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E-pub ahead of print

Embryo Morphokinetics and Blastocyst Development After GnRH Agonist versus hCG Triggering in Normo-ovulatory Women: a Secondary Analysis of a Multicenter Randomized Controlled Trial

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Gonadotropin-releasing hormone agonist (GnRHa) for final oocyte maturation, along with vitrification of all usable embryos followed by transfer in a subsequent frozen-thawed cycle, is the most effective strategy to avoid ovarian hyperstimulation syndrome (OHSS). However, less is known about the ovulation induction triggers effect on early embryo development and blastocyst formation. This study is a secondary analysis of a multicenter, randomized controlled trial, with the aim to compare embryo development in normo-ovulatory women, randomized to GnRHa or human chorionic gonadotropin (hCG) trigger. In all, 4056 retrieved oocytes were observed, 1998 from the GnRHa group (216 women) and 2058 from the hCG group (218 women). A number of retrieved oocytes, mature and fertilized oocytes, and high-quality embryos and blastocysts were similar between the groups. A sub-analysis in 250 women enrolled at the main trial site including 2073 oocytes was conducted to compare embryo morphokinetics and cleavage patterns with EmbryoScope time-lapse system. In total, 1013 oocytes were retrieved from the GnRHa group (124 women) and 1060 oocytes were retrieved from the hCG group (126 women). Morphokinetic parameters and cleavage patterns were comparable between the groups. However, embryos derived from the GnRHa group were less likely to perform rolling during their development than the embryos from the hCG trigger group (OR = 0.41 (95%CI 0.25; 0.67), p-value 0.0003). The comparable results on embryo development and utilization rates between the GnRHa and hCG triggers is of clinical relevance to professionals and infertile patients, when GnRHa trigger and freeze-all is performed to avoid OHSS development. ClinicalTrials.gov Identifier: NCT02746562.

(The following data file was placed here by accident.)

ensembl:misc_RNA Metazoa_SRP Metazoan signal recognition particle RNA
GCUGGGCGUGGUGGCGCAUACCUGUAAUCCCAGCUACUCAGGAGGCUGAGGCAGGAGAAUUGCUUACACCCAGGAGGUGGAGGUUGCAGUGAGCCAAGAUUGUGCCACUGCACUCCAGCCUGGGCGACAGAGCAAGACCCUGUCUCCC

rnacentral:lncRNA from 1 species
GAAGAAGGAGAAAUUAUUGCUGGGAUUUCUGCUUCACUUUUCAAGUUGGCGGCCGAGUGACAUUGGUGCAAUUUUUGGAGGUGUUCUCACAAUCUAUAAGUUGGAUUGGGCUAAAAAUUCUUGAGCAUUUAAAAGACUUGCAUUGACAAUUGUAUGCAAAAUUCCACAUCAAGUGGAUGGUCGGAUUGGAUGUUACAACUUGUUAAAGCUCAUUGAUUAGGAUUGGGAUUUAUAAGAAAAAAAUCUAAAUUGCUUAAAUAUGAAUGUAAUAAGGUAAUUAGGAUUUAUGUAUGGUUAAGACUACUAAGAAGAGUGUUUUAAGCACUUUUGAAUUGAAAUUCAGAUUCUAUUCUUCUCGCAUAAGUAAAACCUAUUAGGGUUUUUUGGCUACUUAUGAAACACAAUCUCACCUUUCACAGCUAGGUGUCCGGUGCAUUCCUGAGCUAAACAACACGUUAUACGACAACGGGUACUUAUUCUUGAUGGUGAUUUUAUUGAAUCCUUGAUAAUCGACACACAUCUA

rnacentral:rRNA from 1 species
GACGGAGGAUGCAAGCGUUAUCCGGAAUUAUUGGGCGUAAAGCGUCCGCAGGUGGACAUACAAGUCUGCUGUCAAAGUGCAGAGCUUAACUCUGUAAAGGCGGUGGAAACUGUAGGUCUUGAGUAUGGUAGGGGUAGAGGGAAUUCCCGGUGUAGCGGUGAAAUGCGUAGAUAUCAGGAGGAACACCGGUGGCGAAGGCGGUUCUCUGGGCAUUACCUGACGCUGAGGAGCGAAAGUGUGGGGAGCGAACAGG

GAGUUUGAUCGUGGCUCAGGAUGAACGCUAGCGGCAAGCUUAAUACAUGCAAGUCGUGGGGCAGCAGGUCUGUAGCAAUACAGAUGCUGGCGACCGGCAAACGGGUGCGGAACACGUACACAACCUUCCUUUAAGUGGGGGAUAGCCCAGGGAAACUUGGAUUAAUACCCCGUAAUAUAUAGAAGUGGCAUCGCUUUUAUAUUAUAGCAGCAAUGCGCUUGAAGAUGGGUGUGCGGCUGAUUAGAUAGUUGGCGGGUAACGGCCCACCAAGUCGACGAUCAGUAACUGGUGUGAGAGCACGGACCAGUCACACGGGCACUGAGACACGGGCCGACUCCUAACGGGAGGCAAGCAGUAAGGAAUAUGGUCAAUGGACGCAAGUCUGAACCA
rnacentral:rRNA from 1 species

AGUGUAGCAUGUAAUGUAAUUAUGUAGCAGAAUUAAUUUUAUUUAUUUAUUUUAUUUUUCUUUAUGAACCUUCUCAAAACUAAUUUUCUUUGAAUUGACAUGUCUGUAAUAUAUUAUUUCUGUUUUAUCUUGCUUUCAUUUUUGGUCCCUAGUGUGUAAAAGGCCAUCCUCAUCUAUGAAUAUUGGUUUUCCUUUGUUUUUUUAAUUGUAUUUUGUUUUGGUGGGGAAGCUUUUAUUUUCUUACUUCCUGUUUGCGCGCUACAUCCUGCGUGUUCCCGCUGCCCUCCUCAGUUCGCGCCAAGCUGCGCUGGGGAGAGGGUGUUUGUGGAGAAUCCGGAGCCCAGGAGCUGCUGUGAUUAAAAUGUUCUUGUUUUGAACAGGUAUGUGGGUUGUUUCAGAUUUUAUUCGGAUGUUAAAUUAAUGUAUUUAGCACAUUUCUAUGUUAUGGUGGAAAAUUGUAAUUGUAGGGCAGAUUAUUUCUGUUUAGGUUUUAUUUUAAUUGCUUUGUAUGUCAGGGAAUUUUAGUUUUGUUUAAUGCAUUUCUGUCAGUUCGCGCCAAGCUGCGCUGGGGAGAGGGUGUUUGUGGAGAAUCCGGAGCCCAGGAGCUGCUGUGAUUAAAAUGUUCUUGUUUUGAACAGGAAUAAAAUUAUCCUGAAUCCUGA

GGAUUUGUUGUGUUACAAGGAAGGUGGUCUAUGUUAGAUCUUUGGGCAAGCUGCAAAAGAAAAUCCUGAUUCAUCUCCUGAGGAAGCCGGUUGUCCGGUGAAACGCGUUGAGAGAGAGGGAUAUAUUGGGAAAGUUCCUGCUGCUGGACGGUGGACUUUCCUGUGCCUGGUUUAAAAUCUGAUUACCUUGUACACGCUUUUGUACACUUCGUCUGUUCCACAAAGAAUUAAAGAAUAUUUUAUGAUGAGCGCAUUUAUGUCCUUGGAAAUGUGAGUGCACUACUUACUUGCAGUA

OriginalsprogEngelsk
TidsskriftReproductive sciences (Thousand Oaks, Calif.)
ISSN1933-7191
DOI
StatusE-pub ahead of print - 13 apr. 2021

Bibliografisk note

Funding Information:
This is a secondary analysis of a multicenter randomized controlled trial, part of the ReproUnion Collaborative study, co-financed by the European Union, Interreg V ÖKS (grant number 20200407). We thank all the participating women and health care professionals for the collaboration.

ID: 64828642